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What if We Don’t Raise the Debt Ceiling?




The news media, in its coverage of the Congressional debate over raising the debt ceiling, has alarmed its readers and viewers with terms like “government default” and “global financial crisis.” But if there is a government shutdown looming in our future, what is the most likely outcome for investors?


First, there is no question that the government debt levels are remarkably high based on historical norms. The government owes roughly 29 trillion U.S. dollars, around 1.7 trillion more than at this time last year. Raw numbers aren’t a perfect way to compare current vs. past debt levels, since the U.S. economy (and, therefore, tax revenues) have grown dramatically. But if we measure government debt as a percentage of the U.S. GDP, the current numbers are still somewhat alarming. The long-time record debt was 119% of U.S. GDP in 1946, at a time when the government had genned up the printing presses and issued bonds to pay for the costs of World War II. (Total debt that year: $269 billion.) For most of the 1960s and 1970s, debt-to-GDP dropped back into the low 30s, before creeping up again, reaching 50% in 1988 and never looking back.


Debt to GDP eventually breached the 100% level in 2014, but the biggest jump came in 2020, when the debt-to-GDP figure rose from 107% to roughly 130% of GDP in the span of 12 months. Bottom line: today’s debt levels are in record territory.


It’s interesting to note that the largest owner of U.S. Treasury securities is not any foreign country, but the Social Security Trust Fund ($2.9 trillion), followed by the nation of Japan ($1.28 trillion), the nation of China and the U.S. Military Retirement Fund ($1 trillion each) and the Office of Personnel Management & Retirement ($955 billion). Mutual funds and private investors are holding about $3.8 trillion collectively.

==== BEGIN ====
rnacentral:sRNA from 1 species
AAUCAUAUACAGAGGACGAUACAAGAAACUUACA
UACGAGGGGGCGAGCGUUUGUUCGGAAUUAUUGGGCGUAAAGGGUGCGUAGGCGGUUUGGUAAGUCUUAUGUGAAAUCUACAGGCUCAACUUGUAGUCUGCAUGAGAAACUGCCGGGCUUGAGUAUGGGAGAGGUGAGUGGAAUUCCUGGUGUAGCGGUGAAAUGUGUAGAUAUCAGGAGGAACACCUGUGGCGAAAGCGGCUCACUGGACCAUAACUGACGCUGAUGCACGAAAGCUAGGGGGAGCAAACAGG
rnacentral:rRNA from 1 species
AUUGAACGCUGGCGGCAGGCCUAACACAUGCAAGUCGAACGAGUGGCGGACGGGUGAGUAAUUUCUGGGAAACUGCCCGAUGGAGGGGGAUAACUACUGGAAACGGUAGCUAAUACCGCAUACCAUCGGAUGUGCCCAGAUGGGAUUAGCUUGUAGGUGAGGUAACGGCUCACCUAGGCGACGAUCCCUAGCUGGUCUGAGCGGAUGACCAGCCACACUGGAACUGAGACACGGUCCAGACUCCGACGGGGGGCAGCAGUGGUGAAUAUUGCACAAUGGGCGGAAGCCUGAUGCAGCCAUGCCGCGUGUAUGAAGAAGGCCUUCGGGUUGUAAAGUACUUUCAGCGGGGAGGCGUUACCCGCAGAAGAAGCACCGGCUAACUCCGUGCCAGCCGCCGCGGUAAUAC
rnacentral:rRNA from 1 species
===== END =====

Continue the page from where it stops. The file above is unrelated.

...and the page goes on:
There are several reasons to wonder whether the current debt is as alarming as the numbers look in isolation. First, interest rates are so low that the government isn’t paying much for the privilege of borrowing investors’ dollars. And is it so terrible that the government is making secure bond investments available to the public (and its in-house agencies)?


But what if we DO have a government shutdown next month? What would be the consequences?


One would be the suspension of Social Security checks—which might not be the ideal political message for recalcitrant Republican Senators and Representatives to send to their retired voters. NonessNon-essentialential government agencies would be shut down, including National Parks and the economists who collect government statistics. Government employees would be furloughed.


But if we look at past shutdowns, they are all temporary blips, soon forgotten. The debt fiascos of 2011, 2013 a,nd 2018 were all resolved and everybody was made whole; there is not going to be a permanent wholesale default on government obligations this time around either. And most meaningfully, none of the past exercises in brinksmanship impacted long-term equity returns; indeed, the S&P 500 rose during the 2018 shutdown.


So the biggest danger is short-term: that the alarming media coverage might spook timers and traders, who could go on a short-term selling rampage before realizing that the government taking a week or two off didn’t really depress actthe ual underlying value of U.S. companies. And, of course, an actual shutdown is unlikely in the first place. The games Congress is playing iares looking like a terrific example of much ado about nothing.


Sources:

https://www.advisorperspectives.com/articles/2021/09/23/history-shows-stock-market-disregards-debt-limit-shutdown-talk

https://www.thebalance.com/national-debt-by-year-compared-to-gdp-and-major-events-3306287

https://www.thebalance.com/who-owns-the-u-s-national-debt-3306124

https://www.quora.com/Are-salaries-in-the-US-significantly-higher-than-in-Europe-If-so-why

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